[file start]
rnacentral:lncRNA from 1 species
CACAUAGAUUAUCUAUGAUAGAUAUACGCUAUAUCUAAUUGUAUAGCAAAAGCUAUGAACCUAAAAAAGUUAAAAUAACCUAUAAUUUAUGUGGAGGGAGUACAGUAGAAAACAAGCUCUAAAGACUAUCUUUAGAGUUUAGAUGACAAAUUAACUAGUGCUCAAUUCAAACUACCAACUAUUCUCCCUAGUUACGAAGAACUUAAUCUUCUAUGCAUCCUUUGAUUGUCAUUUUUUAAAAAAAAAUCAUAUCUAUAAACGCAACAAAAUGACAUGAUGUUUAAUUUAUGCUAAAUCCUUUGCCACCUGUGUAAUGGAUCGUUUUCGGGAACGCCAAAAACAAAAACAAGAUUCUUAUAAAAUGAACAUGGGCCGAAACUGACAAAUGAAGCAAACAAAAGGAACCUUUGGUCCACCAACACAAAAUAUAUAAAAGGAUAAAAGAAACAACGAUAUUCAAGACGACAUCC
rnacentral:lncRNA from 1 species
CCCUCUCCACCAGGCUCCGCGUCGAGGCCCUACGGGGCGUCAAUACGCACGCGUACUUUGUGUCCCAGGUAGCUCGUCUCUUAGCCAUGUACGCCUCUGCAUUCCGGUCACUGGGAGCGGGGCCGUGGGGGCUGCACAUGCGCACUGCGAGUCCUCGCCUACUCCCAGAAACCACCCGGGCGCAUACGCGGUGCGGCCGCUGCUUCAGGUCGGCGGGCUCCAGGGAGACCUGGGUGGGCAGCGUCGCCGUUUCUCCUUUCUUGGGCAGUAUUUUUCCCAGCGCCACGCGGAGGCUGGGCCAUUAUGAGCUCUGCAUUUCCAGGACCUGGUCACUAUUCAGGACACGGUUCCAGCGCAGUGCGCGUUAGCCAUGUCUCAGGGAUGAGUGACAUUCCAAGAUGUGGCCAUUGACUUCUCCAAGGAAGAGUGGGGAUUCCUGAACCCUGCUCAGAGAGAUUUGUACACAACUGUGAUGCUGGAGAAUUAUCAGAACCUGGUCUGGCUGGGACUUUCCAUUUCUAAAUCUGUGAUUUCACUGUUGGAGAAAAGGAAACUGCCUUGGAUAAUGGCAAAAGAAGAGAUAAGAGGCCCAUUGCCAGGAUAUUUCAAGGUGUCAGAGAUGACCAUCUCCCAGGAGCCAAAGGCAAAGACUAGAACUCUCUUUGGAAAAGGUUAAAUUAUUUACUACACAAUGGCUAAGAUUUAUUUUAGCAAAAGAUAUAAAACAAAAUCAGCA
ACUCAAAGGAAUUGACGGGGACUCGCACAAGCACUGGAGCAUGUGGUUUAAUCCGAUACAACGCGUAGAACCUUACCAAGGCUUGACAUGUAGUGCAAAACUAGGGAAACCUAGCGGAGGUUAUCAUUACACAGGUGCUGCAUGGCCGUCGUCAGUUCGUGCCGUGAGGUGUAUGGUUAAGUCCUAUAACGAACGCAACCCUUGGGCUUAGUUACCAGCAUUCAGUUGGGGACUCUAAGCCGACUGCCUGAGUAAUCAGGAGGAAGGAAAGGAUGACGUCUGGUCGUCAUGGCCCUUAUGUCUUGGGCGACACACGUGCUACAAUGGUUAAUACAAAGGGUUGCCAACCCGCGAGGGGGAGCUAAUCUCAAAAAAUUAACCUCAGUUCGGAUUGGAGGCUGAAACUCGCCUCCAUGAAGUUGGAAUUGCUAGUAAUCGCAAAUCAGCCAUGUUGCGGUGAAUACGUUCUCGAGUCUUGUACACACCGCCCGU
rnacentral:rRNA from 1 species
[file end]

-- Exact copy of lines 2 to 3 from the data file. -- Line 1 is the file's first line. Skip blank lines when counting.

CACAUAGAUUAUCUAUGAUAGAUAUACGCUAUAUCUAAUUGUAUAGCAAAAGCUAUGAACCUAAAAAAGUUAAAAUAACCUAUAAUUUAUGUGGAGGGAGUACAGUAGAAAACAAGCUCUAAAGACUAUCUUUAGAGUUUAGAUGACAAAUUAACUAGUGCUCAAUUCAAACUACCAACUAUUCUCCCUAGUUACGAAGAACUUAAUCUUCUAUGCAUCCUUUGAUUGUCAUUUUUUAAAAAAAAAUCAUAUCUAUAAACGCAACAAAAUGACAUGAUGUUUAAUUUAUGCUAAAUCCUUUGCCACCUGUGUAAUGGAUCGUUUUCGGGAACGCCAAAAACAAAAACAAGAUUCUUAUAAAAUGAACAUGGGCCGAAACUGACAAAUGAAGCAAACAAAAGGAACCUUUGGUCCACCAACACAAAAUAUAUAAAAGGAUAAAAGAAACAACGAUAUUCAAGACGACAUCC
rnacentral:lncRNA from 1 species